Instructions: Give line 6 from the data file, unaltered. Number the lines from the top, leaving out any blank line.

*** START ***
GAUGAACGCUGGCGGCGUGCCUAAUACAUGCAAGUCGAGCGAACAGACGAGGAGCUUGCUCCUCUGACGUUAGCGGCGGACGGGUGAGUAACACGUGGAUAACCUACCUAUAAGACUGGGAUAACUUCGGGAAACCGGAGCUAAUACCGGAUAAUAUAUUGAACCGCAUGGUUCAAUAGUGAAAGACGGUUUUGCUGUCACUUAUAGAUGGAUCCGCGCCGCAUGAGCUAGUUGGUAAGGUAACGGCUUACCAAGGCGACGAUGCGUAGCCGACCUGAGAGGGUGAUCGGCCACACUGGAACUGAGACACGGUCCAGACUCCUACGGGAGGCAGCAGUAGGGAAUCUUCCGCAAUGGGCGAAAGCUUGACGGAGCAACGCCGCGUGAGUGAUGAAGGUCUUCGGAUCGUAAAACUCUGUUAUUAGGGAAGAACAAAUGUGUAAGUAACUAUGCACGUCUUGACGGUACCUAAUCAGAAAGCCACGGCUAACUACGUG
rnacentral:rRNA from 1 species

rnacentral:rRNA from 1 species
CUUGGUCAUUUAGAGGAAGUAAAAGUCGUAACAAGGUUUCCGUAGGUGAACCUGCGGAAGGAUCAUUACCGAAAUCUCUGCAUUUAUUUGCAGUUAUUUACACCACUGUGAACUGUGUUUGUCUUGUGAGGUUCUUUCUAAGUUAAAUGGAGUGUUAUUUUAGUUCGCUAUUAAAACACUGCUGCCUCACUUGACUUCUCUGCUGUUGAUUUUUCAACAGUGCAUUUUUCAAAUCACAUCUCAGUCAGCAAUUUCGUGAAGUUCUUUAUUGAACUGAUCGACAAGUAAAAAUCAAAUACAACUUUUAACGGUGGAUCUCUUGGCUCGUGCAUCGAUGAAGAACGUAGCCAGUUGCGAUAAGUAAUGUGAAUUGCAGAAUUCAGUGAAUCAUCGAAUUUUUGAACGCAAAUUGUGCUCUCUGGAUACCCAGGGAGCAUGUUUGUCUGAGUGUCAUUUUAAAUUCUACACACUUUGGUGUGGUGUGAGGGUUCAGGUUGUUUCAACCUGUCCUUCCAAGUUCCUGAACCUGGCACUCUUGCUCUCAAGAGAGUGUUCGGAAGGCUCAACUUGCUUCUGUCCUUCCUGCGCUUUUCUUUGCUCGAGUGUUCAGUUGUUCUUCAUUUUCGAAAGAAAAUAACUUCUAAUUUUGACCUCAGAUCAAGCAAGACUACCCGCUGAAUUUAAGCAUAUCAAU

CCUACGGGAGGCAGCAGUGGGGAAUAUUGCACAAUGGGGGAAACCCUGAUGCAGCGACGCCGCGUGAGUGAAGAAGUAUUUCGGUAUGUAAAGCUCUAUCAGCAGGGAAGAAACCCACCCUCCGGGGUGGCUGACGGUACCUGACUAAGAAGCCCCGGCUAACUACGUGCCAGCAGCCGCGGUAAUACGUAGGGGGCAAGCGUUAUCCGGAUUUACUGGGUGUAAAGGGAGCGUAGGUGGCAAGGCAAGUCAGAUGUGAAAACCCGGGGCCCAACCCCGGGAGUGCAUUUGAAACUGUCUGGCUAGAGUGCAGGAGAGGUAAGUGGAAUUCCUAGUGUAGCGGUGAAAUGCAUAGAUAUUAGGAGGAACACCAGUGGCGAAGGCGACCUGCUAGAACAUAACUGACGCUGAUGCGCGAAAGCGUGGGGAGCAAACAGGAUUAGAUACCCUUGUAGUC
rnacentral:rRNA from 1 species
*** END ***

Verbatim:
rnacentral:rRNA from 1 species